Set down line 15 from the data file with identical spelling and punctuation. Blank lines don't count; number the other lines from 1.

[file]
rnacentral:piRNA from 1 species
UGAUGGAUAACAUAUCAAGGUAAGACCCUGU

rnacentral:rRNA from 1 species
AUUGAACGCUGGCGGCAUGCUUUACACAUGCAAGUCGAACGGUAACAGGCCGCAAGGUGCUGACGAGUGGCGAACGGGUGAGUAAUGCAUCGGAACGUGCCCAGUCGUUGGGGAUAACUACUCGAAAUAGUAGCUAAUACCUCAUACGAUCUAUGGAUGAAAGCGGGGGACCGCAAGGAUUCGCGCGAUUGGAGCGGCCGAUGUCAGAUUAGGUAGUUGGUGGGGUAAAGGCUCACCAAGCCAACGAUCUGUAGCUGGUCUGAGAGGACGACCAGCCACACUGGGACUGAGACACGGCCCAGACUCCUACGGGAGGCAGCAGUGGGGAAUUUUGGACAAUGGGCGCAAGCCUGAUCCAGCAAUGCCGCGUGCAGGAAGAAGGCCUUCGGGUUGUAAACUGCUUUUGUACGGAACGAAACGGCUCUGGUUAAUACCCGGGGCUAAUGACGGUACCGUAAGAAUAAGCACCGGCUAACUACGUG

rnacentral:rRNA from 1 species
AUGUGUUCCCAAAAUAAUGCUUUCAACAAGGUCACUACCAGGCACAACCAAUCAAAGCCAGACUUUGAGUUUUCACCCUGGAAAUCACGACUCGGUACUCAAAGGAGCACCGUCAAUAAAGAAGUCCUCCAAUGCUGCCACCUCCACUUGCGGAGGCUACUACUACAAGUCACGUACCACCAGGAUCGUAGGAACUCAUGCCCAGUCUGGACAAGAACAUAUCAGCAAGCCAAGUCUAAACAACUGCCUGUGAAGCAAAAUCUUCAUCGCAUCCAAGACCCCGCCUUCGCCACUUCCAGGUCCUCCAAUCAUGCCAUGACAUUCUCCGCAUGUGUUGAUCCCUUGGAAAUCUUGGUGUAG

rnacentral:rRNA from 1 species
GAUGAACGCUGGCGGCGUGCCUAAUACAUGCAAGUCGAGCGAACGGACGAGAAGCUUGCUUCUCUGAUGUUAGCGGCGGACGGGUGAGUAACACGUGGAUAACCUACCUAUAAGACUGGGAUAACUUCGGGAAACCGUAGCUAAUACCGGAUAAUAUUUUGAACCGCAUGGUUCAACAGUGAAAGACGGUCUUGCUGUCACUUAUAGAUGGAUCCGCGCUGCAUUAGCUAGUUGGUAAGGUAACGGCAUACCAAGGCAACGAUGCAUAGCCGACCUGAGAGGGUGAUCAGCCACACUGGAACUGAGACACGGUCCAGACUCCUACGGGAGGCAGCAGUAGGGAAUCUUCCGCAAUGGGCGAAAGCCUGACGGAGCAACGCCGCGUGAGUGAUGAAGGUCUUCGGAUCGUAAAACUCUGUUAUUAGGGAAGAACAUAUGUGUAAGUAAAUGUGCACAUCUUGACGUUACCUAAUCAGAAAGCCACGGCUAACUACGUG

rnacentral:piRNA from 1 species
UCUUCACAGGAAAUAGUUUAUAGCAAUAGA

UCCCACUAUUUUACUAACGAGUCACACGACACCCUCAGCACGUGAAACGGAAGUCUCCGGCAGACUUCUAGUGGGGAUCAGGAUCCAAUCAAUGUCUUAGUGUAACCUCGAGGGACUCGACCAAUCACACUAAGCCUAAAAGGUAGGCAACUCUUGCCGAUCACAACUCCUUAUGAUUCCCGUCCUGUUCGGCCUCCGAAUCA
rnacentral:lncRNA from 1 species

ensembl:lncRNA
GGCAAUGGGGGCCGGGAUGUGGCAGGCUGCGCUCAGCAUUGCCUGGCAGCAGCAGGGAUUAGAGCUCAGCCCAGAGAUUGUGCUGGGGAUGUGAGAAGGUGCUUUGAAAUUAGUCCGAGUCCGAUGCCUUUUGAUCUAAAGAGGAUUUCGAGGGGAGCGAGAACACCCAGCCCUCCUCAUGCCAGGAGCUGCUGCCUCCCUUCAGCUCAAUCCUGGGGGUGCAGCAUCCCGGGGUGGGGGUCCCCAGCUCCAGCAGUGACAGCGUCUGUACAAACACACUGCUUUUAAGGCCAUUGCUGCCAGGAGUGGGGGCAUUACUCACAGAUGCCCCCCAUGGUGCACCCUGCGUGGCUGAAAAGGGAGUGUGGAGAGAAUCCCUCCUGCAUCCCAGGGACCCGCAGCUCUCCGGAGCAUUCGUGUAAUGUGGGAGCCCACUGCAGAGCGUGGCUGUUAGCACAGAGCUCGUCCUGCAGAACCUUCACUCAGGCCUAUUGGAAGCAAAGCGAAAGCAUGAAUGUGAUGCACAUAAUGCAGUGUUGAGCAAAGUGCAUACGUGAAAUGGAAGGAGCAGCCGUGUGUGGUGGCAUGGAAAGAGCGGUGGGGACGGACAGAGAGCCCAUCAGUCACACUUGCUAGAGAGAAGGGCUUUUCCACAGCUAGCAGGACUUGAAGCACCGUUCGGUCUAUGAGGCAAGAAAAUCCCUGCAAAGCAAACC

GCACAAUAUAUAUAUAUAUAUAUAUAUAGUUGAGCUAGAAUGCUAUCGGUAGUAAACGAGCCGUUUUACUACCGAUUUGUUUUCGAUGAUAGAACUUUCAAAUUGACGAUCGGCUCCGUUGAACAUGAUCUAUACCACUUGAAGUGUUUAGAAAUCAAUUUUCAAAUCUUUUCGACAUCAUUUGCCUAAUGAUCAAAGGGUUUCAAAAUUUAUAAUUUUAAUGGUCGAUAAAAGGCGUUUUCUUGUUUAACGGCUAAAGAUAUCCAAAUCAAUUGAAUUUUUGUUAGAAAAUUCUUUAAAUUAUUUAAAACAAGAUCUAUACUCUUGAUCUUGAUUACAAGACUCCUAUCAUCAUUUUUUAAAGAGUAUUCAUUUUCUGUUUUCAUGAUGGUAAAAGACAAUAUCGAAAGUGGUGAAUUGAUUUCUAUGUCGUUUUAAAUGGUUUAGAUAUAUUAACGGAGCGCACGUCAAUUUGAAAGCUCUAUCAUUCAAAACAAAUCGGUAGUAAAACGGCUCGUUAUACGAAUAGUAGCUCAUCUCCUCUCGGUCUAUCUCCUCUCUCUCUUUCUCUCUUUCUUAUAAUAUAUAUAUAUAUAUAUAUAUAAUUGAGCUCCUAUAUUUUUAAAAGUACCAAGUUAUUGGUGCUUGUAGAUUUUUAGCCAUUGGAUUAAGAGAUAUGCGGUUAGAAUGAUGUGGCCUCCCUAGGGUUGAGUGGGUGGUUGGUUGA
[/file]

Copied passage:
GCACAAUAUAUAUAUAUAUAUAUAUAUAGUUGAGCUAGAAUGCUAUCGGUAGUAAACGAGCCGUUUUACUACCGAUUUGUUUUCGAUGAUAGAACUUUCAAAUUGACGAUCGGCUCCGUUGAACAUGAUCUAUACCACUUGAAGUGUUUAGAAAUCAAUUUUCAAAUCUUUUCGACAUCAUUUGCCUAAUGAUCAAAGGGUUUCAAAAUUUAUAAUUUUAAUGGUCGAUAAAAGGCGUUUUCUUGUUUAACGGCUAAAGAUAUCCAAAUCAAUUGAAUUUUUGUUAGAAAAUUCUUUAAAUUAUUUAAAACAAGAUCUAUACUCUUGAUCUUGAUUACAAGACUCCUAUCAUCAUUUUUUAAAGAGUAUUCAUUUUCUGUUUUCAUGAUGGUAAAAGACAAUAUCGAAAGUGGUGAAUUGAUUUCUAUGUCGUUUUAAAUGGUUUAGAUAUAUUAACGGAGCGCACGUCAAUUUGAAAGCUCUAUCAUUCAAAACAAAUCGGUAGUAAAACGGCUCGUUAUACGAAUAGUAGCUCAUCUCCUCUCGGUCUAUCUCCUCUCUCUCUUUCUCUCUUUCUUAUAAUAUAUAUAUAUAUAUAUAUAUAAUUGAGCUCCUAUAUUUUUAAAAGUACCAAGUUAUUGGUGCUUGUAGAUUUUUAGCCAUUGGAUUAAGAGAUAUGCGGUUAGAAUGAUGUGGCCUCCCUAGGGUUGAGUGGGUGGUUGGUUGA